The wasted dollars of product naming
Stop the craziness
Product naming is important. Brands should hold every business to a high standard of eliminating wasteful spending. For example, few industries are worse at spending money on foolish efforts than medical devices. Pick up any corporate brochure from a medical device manufacturer and here’s what you’ll see: Mountains and mountains of individual product brand names.
For some reason, companies are in love with giving every single product they manufacture its own unique brand name. That’s not product naming for any meaningful purpose. That’s reducing preference.
The medical device industry is a $150 billion industry in the US alone. Few industries would tolerate the sheer amount of money wasted in product naming. In fact, the value of a company lies not in its individual products, but in the company brand and its equities. When consumers buy products, they are purchasing the brand.
But medical device manufacturers have gone insane over spending countless dollars that actually hurt the value of the company. No matter if it is a stent, wire or an ICD, it will have some clever brand name that means little to anyone but the company’s own marketers. Doing so does nothing to help define the parent brand or the brands of other products.
Instead, the medical device parent brands are crowded into the same space. They all claim to be forward thinking, innovative and reliable. Yet millions of dollars and countless resources are spent marketing the individual products like they are their own entities. Even when they are using the same language.
That reduces the corporate brand into an afterthought.
Cleverness is the enemy
The overabundance of cleverness is certainly not unique to the medical device industry. Marketing executives, in general, are convinced that a name or theme will be remembered if it’s clever enough.
The opposite is exactly true, which means the money to market them is ill spent. If the name or theme is clever, then it is not believable because it feels like an advertising firm wrote it. It will sound like marketing.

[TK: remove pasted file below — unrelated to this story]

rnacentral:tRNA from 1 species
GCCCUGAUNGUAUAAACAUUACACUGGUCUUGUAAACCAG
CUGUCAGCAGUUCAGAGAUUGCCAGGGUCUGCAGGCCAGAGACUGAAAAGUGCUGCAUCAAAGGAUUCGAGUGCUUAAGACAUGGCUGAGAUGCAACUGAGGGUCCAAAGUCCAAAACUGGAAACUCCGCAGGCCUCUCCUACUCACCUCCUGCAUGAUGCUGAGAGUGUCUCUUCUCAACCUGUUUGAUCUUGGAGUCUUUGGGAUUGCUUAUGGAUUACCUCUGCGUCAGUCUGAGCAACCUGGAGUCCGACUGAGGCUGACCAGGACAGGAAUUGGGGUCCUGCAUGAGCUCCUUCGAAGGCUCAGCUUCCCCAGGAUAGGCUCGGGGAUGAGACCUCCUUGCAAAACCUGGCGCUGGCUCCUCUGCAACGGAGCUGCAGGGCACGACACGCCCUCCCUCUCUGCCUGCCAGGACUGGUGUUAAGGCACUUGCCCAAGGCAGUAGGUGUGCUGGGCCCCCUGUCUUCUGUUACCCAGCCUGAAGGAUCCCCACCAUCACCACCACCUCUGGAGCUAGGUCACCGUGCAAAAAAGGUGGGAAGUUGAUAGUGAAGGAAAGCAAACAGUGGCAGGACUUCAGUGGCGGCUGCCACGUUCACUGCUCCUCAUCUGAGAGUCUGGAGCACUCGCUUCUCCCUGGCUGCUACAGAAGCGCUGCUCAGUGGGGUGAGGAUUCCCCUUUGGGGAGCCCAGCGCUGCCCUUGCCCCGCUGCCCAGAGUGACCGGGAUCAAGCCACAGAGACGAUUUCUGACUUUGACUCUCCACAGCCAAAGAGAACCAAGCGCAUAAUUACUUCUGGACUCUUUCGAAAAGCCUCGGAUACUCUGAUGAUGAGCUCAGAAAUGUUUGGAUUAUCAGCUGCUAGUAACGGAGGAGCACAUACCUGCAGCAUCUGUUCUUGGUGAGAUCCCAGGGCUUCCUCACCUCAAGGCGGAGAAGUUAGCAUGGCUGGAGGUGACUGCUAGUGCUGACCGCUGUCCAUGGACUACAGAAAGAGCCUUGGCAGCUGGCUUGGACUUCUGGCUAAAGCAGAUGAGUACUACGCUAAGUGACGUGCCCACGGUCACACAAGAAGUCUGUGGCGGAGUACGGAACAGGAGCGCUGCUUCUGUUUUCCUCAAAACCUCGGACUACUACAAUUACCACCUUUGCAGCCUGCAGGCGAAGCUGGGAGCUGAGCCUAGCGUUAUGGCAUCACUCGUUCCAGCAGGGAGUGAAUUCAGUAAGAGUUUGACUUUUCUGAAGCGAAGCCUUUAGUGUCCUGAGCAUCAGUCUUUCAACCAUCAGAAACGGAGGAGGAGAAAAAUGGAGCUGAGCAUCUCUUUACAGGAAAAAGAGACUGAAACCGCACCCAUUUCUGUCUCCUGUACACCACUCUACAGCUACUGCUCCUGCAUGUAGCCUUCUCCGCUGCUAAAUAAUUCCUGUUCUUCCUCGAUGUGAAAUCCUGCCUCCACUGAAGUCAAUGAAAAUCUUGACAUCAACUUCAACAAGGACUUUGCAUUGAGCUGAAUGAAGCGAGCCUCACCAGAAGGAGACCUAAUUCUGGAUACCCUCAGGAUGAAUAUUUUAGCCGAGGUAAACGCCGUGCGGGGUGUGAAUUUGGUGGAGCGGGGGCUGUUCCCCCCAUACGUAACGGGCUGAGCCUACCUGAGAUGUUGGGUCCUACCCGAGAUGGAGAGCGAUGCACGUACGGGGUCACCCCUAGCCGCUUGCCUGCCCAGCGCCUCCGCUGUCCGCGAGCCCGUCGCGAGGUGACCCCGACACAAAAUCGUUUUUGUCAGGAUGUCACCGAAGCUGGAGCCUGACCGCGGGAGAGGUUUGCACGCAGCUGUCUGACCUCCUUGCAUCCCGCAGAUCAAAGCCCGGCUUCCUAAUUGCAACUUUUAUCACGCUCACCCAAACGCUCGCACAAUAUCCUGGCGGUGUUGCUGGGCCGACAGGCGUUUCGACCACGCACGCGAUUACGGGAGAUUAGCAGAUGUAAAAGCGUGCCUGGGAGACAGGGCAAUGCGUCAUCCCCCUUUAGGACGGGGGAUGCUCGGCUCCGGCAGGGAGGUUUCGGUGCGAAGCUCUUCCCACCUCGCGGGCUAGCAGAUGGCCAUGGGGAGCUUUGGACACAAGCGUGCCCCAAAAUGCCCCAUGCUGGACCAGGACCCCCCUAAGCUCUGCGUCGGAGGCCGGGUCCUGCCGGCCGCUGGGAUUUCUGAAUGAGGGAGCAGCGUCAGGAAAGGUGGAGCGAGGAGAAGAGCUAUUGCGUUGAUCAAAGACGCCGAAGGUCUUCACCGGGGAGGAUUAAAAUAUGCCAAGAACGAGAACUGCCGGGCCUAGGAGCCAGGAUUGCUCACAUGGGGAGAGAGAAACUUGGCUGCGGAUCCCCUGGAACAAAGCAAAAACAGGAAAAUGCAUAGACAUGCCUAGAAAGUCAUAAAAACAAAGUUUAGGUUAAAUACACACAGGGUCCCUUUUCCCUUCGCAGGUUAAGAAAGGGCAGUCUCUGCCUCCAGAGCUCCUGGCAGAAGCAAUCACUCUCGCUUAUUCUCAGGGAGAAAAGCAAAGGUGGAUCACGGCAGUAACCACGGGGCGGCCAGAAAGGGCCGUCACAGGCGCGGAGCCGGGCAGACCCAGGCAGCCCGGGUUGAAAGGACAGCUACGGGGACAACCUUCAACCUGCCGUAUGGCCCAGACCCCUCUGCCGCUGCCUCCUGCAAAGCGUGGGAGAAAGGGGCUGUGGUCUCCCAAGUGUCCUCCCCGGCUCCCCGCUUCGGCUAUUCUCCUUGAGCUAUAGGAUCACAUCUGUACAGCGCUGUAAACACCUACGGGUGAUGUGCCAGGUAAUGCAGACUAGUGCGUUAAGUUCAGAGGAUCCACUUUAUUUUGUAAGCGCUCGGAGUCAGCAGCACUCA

Let’s use an example from the medical device industry. St. Jude Medical, through its acquisition of Thoratec, has a left ventricular assist device called HeartMate. Its meaning is clear. It assists the heart.
But it still sounds like marketing and made up. It has no emotional meaning. Considering the sheer litany of products with made-up names like HeartMate, it won’t be remembered because no one says “Nurse, give me the HeartMate.”
Think about this. These names do nothing to create preference or add to any financial or emotional investment in the company. Just because a device has a clever name does not mean that hospital administrators and doctors will prefer that product. So why do it?
Product naming as an inhibitor to switching
Stealing market share means you must convince your target audience that what you offer is something you do not already have. That’s the definition of a switching trigger.
Switching is often seen as difficult because it means adjusting to something new. It’s a change even if it is a minor one. That means you must reduce the hurdles to switching if you want to attract the customers of your competition.
With so many branded products that have no relation to each other, but operate individually from other products, doctors and hospital administrators are reluctant to switch to them.
The same holds true for any manufacturer. A litany of unique product names creates a hurdle to adoption because audiences are asked to learn something new. That is especially difficult when you consider the entire scope of products.
It is easier for audiences to switch is if they know they are buying the company brand name instead of the product. It is just simpler.
Product naming. What to do?
The answer to that question should be obvious. Don’t overdo product naming when it comes to individual products. We live in a world in which simplicity and control rule, meaning it’s the customer who is in charge.
A list of its endoscopic suturing accessories lists these products:
- Endo Stitch Single-Stitch
- Endo Stitch Tripe-Stitch
- V-Loc Wound Closure
- Surgitie Ligating Loop
- Surgiwip Suture Ligature
- Endo Slide Single Use Knot Pusher
It would be better if the names were:
- Medtronic Single-Stitch
- Medtronic Tripe-Stitch
- Medtronic Wound Closure
- Medtronic Ligating Loop
- Medtronic Suture Ligature
- Medtronic Single Use Knot Pusher
Now the company is actually investing in the parent brand and not just talking about it. And the sheer amount of wasteful spending has been reduced while market share increases. You’ve asked customers to choose the parent brand. That’s all any brand manager could want.